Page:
Editor's Note: This is a guest blog post by Alan Sharp-Paul, co-founder and co-CEO of ScriptRock.
There is no doubt that the DevOps movement has gone mainstream. When even IBM and HP are dedicating sites to it there is no longer any question. If we were to place it on the Gartner Hype Cycle, even the most devoted proponents would have to admit that it’s rapidly approaching the “Peak of Inflated Expectations.”
What does this mean for you as a CIO? Should you steer clear of the movement entirely until things calm down a bit? Not at all. Should you be cautious in your approach to “implementing” DevOps though? Absolutely.
With vendors piling into an area that remains poorly defined, the risk of making a misstep on strategy is high. It cannot be ignored though, the rewards in IT efficiency and quality improvements of well implemented DevOps initiatives are high. In a world of diminishing margins, any opportunity for competitive advantage must be explored.
So, what are some key lessons that have already emerged?
1. Define DevOps Correctly
DevOps is any effort within an organization to align the goals of developers and operations staff within an organization. In practice this can be cultural or process driven. It can be enabled by, but should not be centered on, the implementation of certain tools, particularly automation tools.
2. Collaboration First, Especially for Tools
As mentioned above, your DevOps initiative should not be tool driven. This said, tools can assist the process. Always remember that collaboration must come first though. Automation tools, for example, are a key element of most DevOps strategies. When implemented within a silo they risk doing more harm than good. An automation tool chosen and championed purely by your development team is a perfect example of getting this wrong. Involving developers in operations is a good thing but if done without either buy in or input from ops themselves, it is bound to cause problems.
3. Don't Create Another Team
Whilst focus and specialization are good in and of themselves, they can backfire for your DevOps initiative. Creating a separate DevOps team is not just a bad idea, it is counterproductive. The point of DevOps is to share responsibility. Outsourcing DevOps to a specific team means it becomes someone else's problem for the rest of your staff. DevOps must be everyone’s responsibility, everyone’s initiative and, ultimately, everyone’s success.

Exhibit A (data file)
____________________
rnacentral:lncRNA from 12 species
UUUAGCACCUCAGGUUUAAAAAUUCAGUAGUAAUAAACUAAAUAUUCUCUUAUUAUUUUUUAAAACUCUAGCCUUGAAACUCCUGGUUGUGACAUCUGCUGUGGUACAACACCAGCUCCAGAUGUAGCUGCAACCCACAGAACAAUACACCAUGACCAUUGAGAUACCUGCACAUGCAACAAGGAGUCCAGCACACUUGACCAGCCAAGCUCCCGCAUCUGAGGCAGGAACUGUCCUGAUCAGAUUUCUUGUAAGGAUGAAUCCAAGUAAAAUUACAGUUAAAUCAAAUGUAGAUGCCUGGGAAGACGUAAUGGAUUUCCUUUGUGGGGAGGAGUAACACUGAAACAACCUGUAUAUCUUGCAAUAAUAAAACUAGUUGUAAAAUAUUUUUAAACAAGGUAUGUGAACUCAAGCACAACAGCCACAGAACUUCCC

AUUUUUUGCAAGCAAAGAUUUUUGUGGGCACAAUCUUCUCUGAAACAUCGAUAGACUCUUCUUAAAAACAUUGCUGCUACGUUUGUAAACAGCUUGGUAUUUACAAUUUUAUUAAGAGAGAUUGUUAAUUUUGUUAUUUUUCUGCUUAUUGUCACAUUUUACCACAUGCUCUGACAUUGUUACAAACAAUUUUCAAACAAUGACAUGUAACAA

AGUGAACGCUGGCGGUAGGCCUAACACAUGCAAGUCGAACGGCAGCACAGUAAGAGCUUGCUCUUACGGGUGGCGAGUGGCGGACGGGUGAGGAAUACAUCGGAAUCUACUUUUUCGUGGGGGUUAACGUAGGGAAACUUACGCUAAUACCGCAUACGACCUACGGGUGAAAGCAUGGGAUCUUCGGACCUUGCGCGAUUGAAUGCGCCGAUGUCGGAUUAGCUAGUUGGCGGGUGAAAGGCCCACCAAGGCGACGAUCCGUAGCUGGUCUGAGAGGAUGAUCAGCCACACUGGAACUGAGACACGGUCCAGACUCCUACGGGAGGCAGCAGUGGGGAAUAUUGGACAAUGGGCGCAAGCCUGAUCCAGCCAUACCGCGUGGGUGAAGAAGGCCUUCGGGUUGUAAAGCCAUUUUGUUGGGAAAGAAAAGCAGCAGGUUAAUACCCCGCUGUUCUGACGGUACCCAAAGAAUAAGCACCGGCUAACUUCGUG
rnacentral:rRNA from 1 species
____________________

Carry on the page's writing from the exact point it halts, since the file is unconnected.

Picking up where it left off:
4. It's Not Just DevOps
Poor collaboration and conflicting goals are far from isolated problems within IT. If only they were issues between developers and operations. The fact is that it's a problem across the board. If you take DevOps as just that, a Dev and Ops problem, then you are ignoring the bigger picture. Do your devs have nothing but kind words for your QA staff? Do your operations staff regularly sing the praises of security? Are your architects loved by anyone but themselves? Treat DevOps as a starting point for solving these problems. Don't let the term constrain your thinking.
5. Don't Throw Away ITIL
As an Enterprise CIO you will have seen the positive effect an ITIL implementation can have on an organization. When implemented correctly, and pragmatically, ITIL brings order where chaos reigned. DevOps devotees may wince at the perceived constraints but we know that the processes now form an essential part of most organizations. Over time, improved collaboration and automation will reduce your reliance on ITIL processes. At Enterprise scale though they will not replace them. Most large companies who succeed with DevOps will do so on a foundation of ITIL.
Be Cautious, Not Afraid
Nascent as the DevOps movement may still be, especially for the Enterprise, some clear lessons have already emerged. Understanding these before starting may be the difference between success and failure for your DevOps initiative and, ultimately, your entire IT strategy.
Alan Sharp-Paul is the co-founder of ScriptRock. He is a DevOps enthusiast and a process purist. Before starting ScriptRock, he spent his life in Corporate IT at companies like Expedia, Lloyds and CBA.
To learn more, download the free ebook on DevOps for CIO’s from ScriptRock.